As I've gotten older the thing that makes me a Democrat are Republicans.
The enemy of my enemy is my friend, eh? That works out nicely for both parties as neither are really our friend anymore. To me, that's the problem...neither party is afraid of public opinion specifically, because we're now compelled to vote for the lesser of two Evils. However, their was a recent disturbance in the Force that seemed to have caused Republicans to give pause, be unsure of themselves, and appear to be wandering aimlessly as a group.
IMO, the Republican party's greatest problem is that "conservative" appeal has recently changed, and the party itself fractured with the rise of the Tea Party faction. I think many of the Tea Party ideas are not
conservative at all. As we all have seen, many of their protests rallies appear radical. That
doesn't mix well with the very traditional conservatives, but has caused enough of the less traditional conservatives to have doubts the old ways still worked. Even though the Tea Party movement doesn't give claim to either of the old parties, it seems to have been based in the grass-roots conservative group, normally associated with Republicans. That group must account for enough of the Republican voters to change normal voting patterns, and prevent enough voters either from voting Republican, or cause them to vote Democatic (I need to look up that theory to see if it holds water).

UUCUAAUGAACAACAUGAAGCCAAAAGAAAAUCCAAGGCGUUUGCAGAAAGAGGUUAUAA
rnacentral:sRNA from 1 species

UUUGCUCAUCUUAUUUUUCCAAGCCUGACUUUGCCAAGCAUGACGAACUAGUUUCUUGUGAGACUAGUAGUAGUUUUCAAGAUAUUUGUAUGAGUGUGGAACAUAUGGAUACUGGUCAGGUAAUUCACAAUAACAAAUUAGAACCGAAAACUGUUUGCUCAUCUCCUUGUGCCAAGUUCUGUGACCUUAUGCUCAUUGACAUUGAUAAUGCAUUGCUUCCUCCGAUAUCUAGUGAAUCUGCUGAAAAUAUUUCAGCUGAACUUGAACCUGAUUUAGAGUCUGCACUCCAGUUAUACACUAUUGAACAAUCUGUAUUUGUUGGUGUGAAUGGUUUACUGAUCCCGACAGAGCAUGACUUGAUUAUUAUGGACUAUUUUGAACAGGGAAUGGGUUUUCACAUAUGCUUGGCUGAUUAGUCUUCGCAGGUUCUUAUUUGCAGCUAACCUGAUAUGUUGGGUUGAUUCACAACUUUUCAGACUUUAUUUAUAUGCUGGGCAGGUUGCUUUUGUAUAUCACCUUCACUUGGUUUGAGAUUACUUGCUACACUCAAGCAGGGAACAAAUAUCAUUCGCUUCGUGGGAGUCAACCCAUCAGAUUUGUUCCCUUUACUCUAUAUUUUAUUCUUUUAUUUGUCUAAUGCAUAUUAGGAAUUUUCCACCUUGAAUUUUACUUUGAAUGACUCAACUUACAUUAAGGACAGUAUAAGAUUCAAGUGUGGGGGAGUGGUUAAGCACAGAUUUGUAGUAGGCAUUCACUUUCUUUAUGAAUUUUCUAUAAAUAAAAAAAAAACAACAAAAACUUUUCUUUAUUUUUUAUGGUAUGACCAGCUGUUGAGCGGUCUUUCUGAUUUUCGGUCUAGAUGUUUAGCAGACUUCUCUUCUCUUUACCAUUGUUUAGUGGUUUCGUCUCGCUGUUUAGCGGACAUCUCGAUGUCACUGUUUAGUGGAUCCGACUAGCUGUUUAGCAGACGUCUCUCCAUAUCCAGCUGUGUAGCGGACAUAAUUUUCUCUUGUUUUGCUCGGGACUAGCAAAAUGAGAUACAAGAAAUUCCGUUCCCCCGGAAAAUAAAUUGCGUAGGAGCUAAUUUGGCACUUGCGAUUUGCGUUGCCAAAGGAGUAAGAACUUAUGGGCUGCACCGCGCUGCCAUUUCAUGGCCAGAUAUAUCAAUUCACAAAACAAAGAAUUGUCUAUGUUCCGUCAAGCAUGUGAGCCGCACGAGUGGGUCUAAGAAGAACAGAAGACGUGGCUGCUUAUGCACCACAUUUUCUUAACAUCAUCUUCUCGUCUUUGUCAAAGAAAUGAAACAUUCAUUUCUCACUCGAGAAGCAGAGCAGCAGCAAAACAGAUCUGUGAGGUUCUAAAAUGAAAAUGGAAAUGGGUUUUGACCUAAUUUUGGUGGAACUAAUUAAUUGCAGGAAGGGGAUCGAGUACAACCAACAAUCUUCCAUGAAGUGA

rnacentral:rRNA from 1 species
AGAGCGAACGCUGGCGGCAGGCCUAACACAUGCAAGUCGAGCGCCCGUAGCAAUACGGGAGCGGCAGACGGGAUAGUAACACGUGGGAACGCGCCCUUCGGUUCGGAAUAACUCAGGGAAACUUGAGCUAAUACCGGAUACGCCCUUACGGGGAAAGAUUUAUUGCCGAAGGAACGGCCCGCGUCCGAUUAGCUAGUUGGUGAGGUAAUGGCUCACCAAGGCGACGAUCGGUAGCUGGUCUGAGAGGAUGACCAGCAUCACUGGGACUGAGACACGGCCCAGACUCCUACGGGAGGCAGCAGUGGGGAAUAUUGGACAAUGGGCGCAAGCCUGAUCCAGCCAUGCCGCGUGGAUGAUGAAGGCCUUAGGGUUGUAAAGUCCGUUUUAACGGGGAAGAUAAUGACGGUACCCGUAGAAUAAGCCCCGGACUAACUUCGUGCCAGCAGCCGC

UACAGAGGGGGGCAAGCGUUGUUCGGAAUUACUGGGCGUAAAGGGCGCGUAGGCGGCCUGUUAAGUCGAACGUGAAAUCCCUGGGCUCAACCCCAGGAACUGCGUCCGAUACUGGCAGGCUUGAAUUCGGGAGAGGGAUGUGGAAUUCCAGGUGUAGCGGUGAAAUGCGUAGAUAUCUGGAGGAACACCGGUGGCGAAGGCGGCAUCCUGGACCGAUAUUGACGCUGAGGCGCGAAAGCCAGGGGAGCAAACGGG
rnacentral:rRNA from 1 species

I don't think "radical"ideals appeal to the main body of either Republican or Democratic voters. However, it appears
(to me at least), the Tea Party has probably taken more votes from Republicans (and skewed their ideals) than anything else in recent history. I could be totally wrong about that, but that's the impression I've gotten anyway. I think it's caused many old die-hard Republicans to either doubt their agendas, or doubt the effectiveness of their party's ability to get their agenda's implemented or passed into law.
It seemed to have caused newest Republican candidates to lose their goals during the elections since the Tea Party's rise. Did Mitt Romney seem to stammer regarding his Presidential goals and the means in which he intended to have them implemented, during the 2012 election. Was that caused by his own lack of experience, OR was he uncertain what the Republican base really wanted out of their Presidential hopeful because of the Tea Party movement? Politicians are notorious for catering (on-they-fly) to their perception of what their voters want. Perhaps Mitt Romney seemed unclear and/or uncertain to many of us (including myself) because the Republican party had fallen victim to cloudy Tea. ...heh, cloudy Tea...
Edited by Mark, 29 May 2013 - 09:45 PM.